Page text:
Traveling is one of my favorite things to do and I try to take at least a few trips per year. Often times, my allergies or asthma are awful for the entire trip. And it’s nearly impossible to avoid, because it’s the hotel that causes it. Not all hotels are a problem but older and cheaper ones tend to be worse than others. I can tell almost as soon as I walk into a room if it will bother me because it will smell musty or just old and dusty.
There are now hotels that offer hypoallergenic rooms. I love the idea of this. While it’s probably impossible for a hotel to get rid of all allergens, just reducing them is fantastic. There are many ways they can do this: hypoallergenic bedding (mattress pads, pillow cases, no down comforters), an air purifier in the room, a room that’s vacuumed with a HEPA filter, or better yet, a carpet free room). Obviously, a smoke-free, pet-free room is necessary. This is a huge step for people with asthma and allergies, or other chemical/environmental sensitivities.
The Hyatt is one of the hotels that offers these hypoallergenic rooms, called Respire by Hyatt. I haven’t stayed at a Hyatt recently, but now that I know about their commitment to providing a safe environment for people like me, I will definitely stay with them more frequently. They have a six-step process to remove and reduce allergens that includes:
- Application of PURE Shield and PURE Clean to minimize presence of allergens on carpet, upholstery and other surfaces in the room.
- One-time shock treatment to minimize irritants.
- Complete disinfection of Air Handling Unit and Installation of removable tea tree oil cartridge to maintain these conditions.
- Installation of hypo-allergenic mattress & pillow encasings.
- Installation of a powerful air purifier by Healthway, listed as a Class II Medical device by the F.D.A
Other chain hotels are following suit. Marriott, Hilton, Fairmont and Sheraton are some of the ones taking steps to offer these hypoallergenic rooms, at least in some of their properties. Hyatt appears to be the only one offering hypoallergenic rooms in all their properties. The rooms are only $25-50 more per night, a small fee to be able to breathe easily and not suffer from allergies for an entire trip.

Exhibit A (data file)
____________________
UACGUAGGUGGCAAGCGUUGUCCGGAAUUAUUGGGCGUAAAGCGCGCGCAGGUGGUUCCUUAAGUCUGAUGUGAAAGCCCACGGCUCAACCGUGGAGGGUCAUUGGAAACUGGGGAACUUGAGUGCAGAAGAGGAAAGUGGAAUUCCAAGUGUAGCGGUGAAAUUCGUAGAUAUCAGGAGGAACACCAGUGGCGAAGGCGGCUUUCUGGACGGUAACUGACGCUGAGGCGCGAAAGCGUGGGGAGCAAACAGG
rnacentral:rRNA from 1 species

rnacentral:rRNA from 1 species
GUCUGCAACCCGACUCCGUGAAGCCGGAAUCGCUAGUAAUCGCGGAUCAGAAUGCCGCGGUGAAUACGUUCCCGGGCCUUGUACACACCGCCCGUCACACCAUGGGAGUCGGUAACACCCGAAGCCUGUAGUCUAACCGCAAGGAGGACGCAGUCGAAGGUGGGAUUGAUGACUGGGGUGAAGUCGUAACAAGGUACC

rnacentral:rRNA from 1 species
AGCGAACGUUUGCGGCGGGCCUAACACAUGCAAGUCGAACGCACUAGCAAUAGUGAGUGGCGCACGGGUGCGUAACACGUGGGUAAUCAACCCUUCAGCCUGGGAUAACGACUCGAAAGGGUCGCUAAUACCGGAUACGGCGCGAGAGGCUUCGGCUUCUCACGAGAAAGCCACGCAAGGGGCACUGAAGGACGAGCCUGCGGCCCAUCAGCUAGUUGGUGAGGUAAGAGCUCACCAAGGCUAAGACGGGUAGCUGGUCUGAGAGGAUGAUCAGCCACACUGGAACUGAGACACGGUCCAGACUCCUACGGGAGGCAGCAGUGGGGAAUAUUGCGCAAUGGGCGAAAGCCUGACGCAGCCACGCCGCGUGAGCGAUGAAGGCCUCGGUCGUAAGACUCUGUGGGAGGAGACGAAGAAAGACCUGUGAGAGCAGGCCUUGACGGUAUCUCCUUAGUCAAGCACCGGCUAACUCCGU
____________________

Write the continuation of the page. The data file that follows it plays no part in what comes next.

When The Allergista recently mentioned hypoallergenic hotels to me, I thought of my upcoming trip to Colorado. I will be staying at an Aloft Hotel which is a Starwood Hotels brand (along with Westin and Sheraton hotels). I emailed the hotel and explained that I had asthma and environmental allergies and asked if they offer hypoallergenic rooms, or if they can accommodate me in any way.
The general manager of the hotel emailed me back saying that they will pre-block me into a room on a pet-free floor, and ensure their Director of Housekeeping thoroughly cleans the room, under his supervision. While this won’t solve all my problems, it will help and it’s nice to see places go out of their way for customers.
When you can’t get a hypoallergenic hotel room, another thing to consider is bringing your own portable air purifier. This is not something I’ve done yet, as I tend to spend very little time in my hotel room, but my grandmother has done this to help with her environmental allergies. When my asthma was poorly-controlled, I even brought a portable nebulizer to France. This was before the new TSA regulations on liquids, but my nebulizer medication comes in single-use packages with only a small amount of liquid medication. It would be suitable even for carry-on luggage.
I also found a website that is the beginning of a great idea. They started to review hotels on allergens and air quality, but it doesn’t look like they kept up with it. It only reviews a few hotels on the East Coast and hasn’t been updated since 2009. I think it would be awesome to have a more comprehensive database of information on hotels and what they offer in terms of providing a safe environment for asthmatics. EDIT: Someone pointed this website out to me. It’s a hotel database where “an experienced, independent, Board Certified, allergy and asthma specialist analyzes and rates hotel rooms and cruise ship cabins” on the presence or absence of certain allergy and asthma triggers.
What do you do when traveling to ensure you have a safe and healthy trip? What else would you like to see hotels do to accommodate asthma or allergies?